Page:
Trump risks backlash in zeal for deal to end China trade war
While Beijing is open to striking a deal that narrows the trade deficit, officials have resisted Trump’s other demands -- including an end to subsidies for strategic industries, a stop to forced technology transfer and more competition for state-owned enterprises.world Updated: Nov 03, 2018 21:25 IST
President Donald Trump’s newfound zeal to resolve his trade war with China risks hitting some familiar obstacles, including himself.
Trump set up a call with Chinese president Xi Jinping on Thursday, the first between the leaders in six months. Afterward, he directed his Cabinet to draft potential terms for a trade deal he could agree to with Xi at the G20 conference in Argentina at the end of the month, according to four people familiar with the matter.
“Those discussions are moving along nicely,” Trump wrote on Twitter after speaking with Xi, five days before US midterm elections that will determine whether his party retains control of Congress. At a campaign rally in Columbia, Missouri, he added: “They want to make a deal.”
“He wants to do it,” Trump said of Xi. “They all want to do it.”
But there remains plenty of reason for pessimism.
Discord has already arisen among Trump’s trade team: US trade representative Robert Lighthizer is opposed to a push for a deal at the G20, according to two of the people.
White House economic adviser Larry Kudlow downplayed the potential for a quick deal.
Wait and See
“We’re doing a normal, routine run-through of things we already put together and normal preparation,” Kudlow said on CNBC Friday. “OK, there’s no mass movement, there’s no huge thing, we’re not on the cusp of a deal.”
Peter Navarro, director of the National Trade Council within the White House, struck a similar wait-and-see note on Saturday about the Trump-Xi meeting. In a Fox News interview he said the US is “not dependent on China economically.”
“We’re going to be fine regardless of what happens in Argentina,” Navarro said, adding that trade talks with China are “more difficult” than those with other countries ranging from Japan to Canada.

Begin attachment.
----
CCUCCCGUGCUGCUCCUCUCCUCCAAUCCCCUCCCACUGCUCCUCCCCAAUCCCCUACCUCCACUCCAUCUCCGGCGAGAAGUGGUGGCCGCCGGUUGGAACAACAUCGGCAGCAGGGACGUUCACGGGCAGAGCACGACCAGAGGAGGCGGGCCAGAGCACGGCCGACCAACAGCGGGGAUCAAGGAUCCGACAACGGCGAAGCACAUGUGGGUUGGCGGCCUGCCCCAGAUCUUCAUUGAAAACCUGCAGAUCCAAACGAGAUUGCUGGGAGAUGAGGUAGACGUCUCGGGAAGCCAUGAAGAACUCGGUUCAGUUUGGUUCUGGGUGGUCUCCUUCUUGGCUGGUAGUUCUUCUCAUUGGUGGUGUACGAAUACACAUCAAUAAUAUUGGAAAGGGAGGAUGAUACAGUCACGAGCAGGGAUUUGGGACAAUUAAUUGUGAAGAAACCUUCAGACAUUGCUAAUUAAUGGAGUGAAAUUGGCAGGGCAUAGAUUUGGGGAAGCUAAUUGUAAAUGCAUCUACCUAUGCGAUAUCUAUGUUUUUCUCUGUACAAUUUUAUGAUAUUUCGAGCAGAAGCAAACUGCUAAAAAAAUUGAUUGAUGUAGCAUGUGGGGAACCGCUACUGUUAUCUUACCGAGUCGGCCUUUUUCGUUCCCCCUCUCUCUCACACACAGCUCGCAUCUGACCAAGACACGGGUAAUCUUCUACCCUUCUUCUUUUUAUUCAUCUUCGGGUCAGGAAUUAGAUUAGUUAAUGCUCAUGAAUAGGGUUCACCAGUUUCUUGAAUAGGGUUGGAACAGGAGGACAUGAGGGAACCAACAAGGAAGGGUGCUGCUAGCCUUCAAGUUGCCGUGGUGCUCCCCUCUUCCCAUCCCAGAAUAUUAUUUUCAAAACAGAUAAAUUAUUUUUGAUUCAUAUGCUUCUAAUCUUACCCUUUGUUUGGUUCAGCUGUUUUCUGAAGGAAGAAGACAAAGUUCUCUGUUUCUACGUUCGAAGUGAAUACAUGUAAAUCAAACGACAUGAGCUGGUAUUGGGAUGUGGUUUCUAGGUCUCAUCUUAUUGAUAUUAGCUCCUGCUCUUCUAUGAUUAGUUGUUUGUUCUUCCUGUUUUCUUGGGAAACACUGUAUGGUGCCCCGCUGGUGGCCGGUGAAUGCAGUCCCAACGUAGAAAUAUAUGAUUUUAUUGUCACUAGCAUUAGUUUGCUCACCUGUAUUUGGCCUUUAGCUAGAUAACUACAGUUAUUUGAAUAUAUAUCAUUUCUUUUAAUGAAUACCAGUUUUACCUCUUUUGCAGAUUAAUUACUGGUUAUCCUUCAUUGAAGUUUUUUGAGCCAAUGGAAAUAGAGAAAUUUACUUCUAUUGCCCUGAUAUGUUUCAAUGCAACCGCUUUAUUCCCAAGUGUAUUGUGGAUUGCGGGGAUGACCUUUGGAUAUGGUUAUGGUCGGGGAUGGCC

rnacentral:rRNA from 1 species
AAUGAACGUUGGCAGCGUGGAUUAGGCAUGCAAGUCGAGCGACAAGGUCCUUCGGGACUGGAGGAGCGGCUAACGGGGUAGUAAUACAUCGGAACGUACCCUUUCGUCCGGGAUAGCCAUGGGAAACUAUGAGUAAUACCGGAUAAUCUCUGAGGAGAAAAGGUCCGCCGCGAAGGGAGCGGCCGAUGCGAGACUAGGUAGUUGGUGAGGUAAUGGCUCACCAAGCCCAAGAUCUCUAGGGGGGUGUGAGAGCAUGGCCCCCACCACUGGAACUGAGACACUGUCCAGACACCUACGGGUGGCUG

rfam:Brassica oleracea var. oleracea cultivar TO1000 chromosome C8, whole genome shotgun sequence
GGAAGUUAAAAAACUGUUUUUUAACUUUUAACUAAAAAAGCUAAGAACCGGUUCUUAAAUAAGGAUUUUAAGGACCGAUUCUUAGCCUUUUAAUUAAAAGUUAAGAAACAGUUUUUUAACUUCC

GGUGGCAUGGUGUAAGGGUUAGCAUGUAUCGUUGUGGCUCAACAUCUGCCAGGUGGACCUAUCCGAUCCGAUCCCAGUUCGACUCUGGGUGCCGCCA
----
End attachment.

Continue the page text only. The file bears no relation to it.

Then there are the president’s own idiosyncracies.
Trump has a history of agreeing in principle to deals before backing out. His critics say the trade pacts that he has so far completed, including a renegotiation of Nafta, represent little more than incremental improvements. And he has previously made concessions to U.S. adversaries that have drawn backlash from both Democrats and Republicans.
In May, after his last phone call with Xi, Trump agreed to ease up on sanctions imposed on Chinese telecom equipment maker ZTE Corp., saying they would cost too many Chinese jobs. The decision was roundly lambasted in Congress.
“If this does turn out to be ZTE round 2, the president will be attacked by Democrats, and some Republicans, for talking a huge game on China but instead being played,” said Derek Scissors, a China expert at the American Enterprise Institute.
His critics say Trump also gave away too much to North Korean leader Kim Jong Un in negotiations over Pyongyang’s nuclear weapons program, with little to show in exchange, and was too conciliatory toward Russian President Vladimir Putin at their summit in Helsinki.
And Trump’s history of reneging on agreements is presumably well understood in Beijing.
Sincerity in Question